Do you need to file an FBAR for a Dematerialized (demat) Account?
Because there is not quite a US domestic analogue, there is confusion over whether or not a ‘demat account’ needs to be reported on a report of foreign bank account (FBAR) form.
Offshore Bank Expert Attorney Anthony Parent Creates New Video about the June 2013 FBAR Update
The Helpful Video, which is Posted on YouTube, Explains What the Latest FBAR Update Means for Taxpayers
Anthony Parent, the founder of IRS Medic at Parent and Parent, a firm of tax attorneys who are devoted to helping their clients with tax-related issues, has just created a new video titled “June 2013 FBAR Update.” The in-depth video, which the FBAR attorney has posted on YouTube, explains in great detail what the latest FBAR update means for taxpayers.
As you probably know, the IRS has a new focus on FBAR penalty enforcement. Because of the strange history of the form and the Bank Secrecy Act, many people can’t quite figure out what what all of this means. In order to help you understand the most essential facts, here is list of 5 things you must absolutely know about FBAR Penalty negotiations.
Tens of thousands of taxpayers, and tax professionals decided to ignore warnings by the IRS and created a reporting scheme often called soft or quiet disclosure, something done by amending his past tax returns and filing delinquent tax FBARs without participating in the Offshore Voluntary Disclosure Program (OVDP). These crafty taxpayers looked at the FBAR-equivalent penalties (5-27.5%o f highest account value) and thought they were too high and ignored IRS warnings. They hoped when they put all their foreign account information on an IRS form, they could cross their fingers and the IRS might leave them alone.
With all the FBAR news coming out, I thought it would be a good idea to do a quick video to go over some of the bigger FBAR?OVDP news developments.
In this two-part video series, I :
(1) give a quick overview the FBAR form and its filing requirements
(2) describe the IRS crackdown on so-called soft or quiet disclosures
(3) report on news that the IRS has made no efforts to educate expatriate or recent immigrants, dual citizen, resident aliens, and VISA holders,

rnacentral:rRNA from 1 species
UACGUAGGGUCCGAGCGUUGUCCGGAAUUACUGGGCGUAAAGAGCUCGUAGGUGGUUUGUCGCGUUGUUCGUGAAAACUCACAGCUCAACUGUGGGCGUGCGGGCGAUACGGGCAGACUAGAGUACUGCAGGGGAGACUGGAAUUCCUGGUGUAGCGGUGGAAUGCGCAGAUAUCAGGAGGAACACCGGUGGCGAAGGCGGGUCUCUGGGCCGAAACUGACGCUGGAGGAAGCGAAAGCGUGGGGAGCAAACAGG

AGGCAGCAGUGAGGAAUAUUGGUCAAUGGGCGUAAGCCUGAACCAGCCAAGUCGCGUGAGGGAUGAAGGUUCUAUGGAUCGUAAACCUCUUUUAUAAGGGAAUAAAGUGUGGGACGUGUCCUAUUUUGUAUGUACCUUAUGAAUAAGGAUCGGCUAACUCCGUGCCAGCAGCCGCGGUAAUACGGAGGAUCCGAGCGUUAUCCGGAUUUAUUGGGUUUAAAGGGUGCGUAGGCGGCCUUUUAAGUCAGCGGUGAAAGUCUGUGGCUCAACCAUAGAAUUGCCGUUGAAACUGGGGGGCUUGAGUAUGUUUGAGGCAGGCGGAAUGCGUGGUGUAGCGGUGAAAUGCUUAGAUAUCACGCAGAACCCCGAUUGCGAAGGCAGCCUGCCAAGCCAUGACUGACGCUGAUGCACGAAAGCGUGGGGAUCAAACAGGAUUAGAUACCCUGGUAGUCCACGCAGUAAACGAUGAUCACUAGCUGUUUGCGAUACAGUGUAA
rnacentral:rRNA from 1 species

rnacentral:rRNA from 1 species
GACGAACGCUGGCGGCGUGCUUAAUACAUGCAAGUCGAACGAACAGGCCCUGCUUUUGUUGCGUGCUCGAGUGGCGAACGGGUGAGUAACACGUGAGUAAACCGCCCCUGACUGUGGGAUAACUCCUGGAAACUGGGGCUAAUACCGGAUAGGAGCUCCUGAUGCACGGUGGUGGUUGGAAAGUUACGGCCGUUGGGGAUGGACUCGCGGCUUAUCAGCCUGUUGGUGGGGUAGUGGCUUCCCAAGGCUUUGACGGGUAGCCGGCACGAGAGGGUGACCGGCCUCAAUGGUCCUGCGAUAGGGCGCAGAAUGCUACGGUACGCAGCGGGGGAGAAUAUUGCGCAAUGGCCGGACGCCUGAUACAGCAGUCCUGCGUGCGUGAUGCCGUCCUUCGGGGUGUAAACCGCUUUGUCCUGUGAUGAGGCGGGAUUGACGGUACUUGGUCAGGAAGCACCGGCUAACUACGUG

(4) mention FBAR education resources for tax payers, tax professionals and estate planning attorneys, and
(5) explain why many CPAs and attorneys have stopped dabbling in OVDI cases, and (6) advise those who filed under the 2009 that they have a limited amount of time to claim a penalty reduction.
Switzerland’s bank secrecy laws have protected clients’ names and accounts for years, in effect allowing such clients to squirrel their finances away to avoid their own country’s tax laws. In 2009 the UBS case shed light on how one of Switzerland’s premier banks would knowingly assist its clients in schemes to avoid taxes. Even after the resolution of the UBS case the Swiss banking regime steadfastly retained its bank secrecy laws; laws which, when broken, carried potentially serious consequences for the breaching party. Most recently the Swiss government requested that Spain extradite one Herve Falciani, to face trial in Spain for his breach of bank secrecy laws, but Spain refused to grant the request because the Spanish court considered Switzerland’s secrecy laws, at least in Falciani’s circumstances, to run contrary to important EU public policy considerations.
By: AMY L. HOLBROOK, Esq
The United States Government Accountability Office (GAO, an independent entity that exists to audit, evaluate, and investigate federal government activities to support Congress) has just released a report to Congress on offshore tax evasion and its findings regarding the 2009 program data and results.The full report can be found here: http://www.gao.gov/assets/660/653369.pdf and has some fascinating metrics and data collation regarding the first OVDP from 2009.
In unsettling news for US persons who have not disclosed the existence of foreign accounts to the IRS, Herve Falciani, an IT worker at HSBC’s Geneva branch, stole the names of 24,000 HSBC customers with private accounts and in 2008 he gave that data to Christine Lagarde, the former Finance Minister of France, and current head of the International Monetary Fund. Lagarde shared that list – often referred to as the “Lagarde List” – with the IRS and several EU authorities. As a result of the revelation, many HSBC account holders now face the threat of prosecution for tax evasion by the IRS and have a limited amount of time to come clean or risk detection.
Form TD F 90-22.1 Report of Foreign Bank and Financial Accounts, aka “The FBAR” is a complicated form with complicated instructions. Making the problem worse is that the penalties for failing to follow the 2013 FBAR filing requirements are severe. This article will discuss the basics –- the who, what, where, and when of FBAR Filing Requirements.
The IRS has invested millions of dollars and has hired thousands of special auditors to conduct FBAR audits on US taxpayers that it suspects of not filing FBAR forms or filing incorrect FBAR forms. For taxpayers who haven’t filed FBARs or who have filed incorrect FBARs, the situation is daunting.
Not only are FBAR penalties not based on income but rather, calculated on the highest account balances. Additionally, the IRS and Department of Justice is seeking to make an example of those who haven’t filed FBAR correctly.
The good news, that if handled correctly, the risks of an FBAR audit can be diminished, allowing the IRS to move on to other targets.